An improved battery would also be needed to support a built-in recharge dock for the Surface Pen. If a patent filing from October is to be believed, Microsoft may have an improved Surface Pen loop in the works that would not only holster the Surface Pen itself, but simultaneously charge it via the USB port on supported Surface devices.
More power might also be needed for an updated, discrete GPU option, too. As previously stated, the current model has an option for a Nvidia GeForce graphics chip based on the Maxwell architecture, which has a thermal envelope of up to 75W.
If Microsoft were to offer, say, an Nvidia GeForce GTX 1050 graphics chip, the power wattage requirements wouldn’t skyrocket and DirectX 12 support would assuredly be in the cards. This would fare well with gamers looking to take advantage of the latest API on their rotating laptop screen.
What would make the Surface Book 2 really shine is if it were to be VR-ready. It’s not too far-fetched, either, considering Microsoft has partnered with companies like Acer to produce budget-friendly, Windows 10-specific head-mounted displays that aim to work flawlessly on low- to mid-range hardware.
A race to beat its new rivals?
Despite a good deal of talk about when the Surface Book 2 will be released and what it will contain, there were a handful of reports (albeit with dodgy reliability) speculating that the sequel to Microsoft’s first notebook was supposed to come out last summer alongside the Anniversary Update.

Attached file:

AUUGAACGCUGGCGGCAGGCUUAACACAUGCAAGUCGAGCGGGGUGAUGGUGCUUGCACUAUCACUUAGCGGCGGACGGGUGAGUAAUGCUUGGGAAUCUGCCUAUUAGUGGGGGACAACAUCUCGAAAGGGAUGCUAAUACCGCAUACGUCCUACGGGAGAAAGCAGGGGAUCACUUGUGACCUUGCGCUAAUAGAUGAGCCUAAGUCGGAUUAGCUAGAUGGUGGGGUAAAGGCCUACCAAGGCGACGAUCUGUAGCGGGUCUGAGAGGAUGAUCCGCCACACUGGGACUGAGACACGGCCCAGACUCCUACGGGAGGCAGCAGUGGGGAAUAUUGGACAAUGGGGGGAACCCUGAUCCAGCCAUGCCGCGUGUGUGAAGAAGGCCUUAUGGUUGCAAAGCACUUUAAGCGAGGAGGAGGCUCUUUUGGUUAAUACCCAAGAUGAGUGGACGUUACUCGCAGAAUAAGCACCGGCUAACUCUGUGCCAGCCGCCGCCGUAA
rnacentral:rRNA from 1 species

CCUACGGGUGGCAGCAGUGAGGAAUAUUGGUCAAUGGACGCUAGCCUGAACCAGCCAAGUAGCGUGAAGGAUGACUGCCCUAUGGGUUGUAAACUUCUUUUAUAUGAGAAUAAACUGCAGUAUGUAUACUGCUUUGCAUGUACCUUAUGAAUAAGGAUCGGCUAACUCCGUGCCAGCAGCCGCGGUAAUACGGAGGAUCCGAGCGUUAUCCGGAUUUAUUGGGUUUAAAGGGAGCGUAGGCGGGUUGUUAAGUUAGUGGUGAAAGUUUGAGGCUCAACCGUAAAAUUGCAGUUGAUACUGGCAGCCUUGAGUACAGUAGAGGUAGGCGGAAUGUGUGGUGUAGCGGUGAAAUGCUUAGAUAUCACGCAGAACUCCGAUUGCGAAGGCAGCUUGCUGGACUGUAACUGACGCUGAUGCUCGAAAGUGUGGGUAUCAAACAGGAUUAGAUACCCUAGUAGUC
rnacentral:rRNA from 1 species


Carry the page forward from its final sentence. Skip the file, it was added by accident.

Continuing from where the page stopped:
Of course, that never happened and a Surface Book 2 didn’t arrive in time to beat Apple’s late 2016 MacBook Pro to market. Especially considering the increasingly disparate market share growth between Macs and PCs, Microsoft’s next goal should be to get the Surface Book 2 out before this year’s round of MacBooks.
That's it for now. There are probably a few easter eggs hiding in the Windows 10 Creators Update that hint at a Surface Book 2, but if they exist, no one has found them yet. As such, it may be a while before we see Microsoft’s next convertible laptop in the flesh.
While we may still see a spring release for Surface Book 2, all bets are off on that being remotely certain. Instead, we would be more keen to bank on a late 2017 launch to correlate with the Fall Creators Update.
Joe Osborne and Gabe Carey have also contributed to this article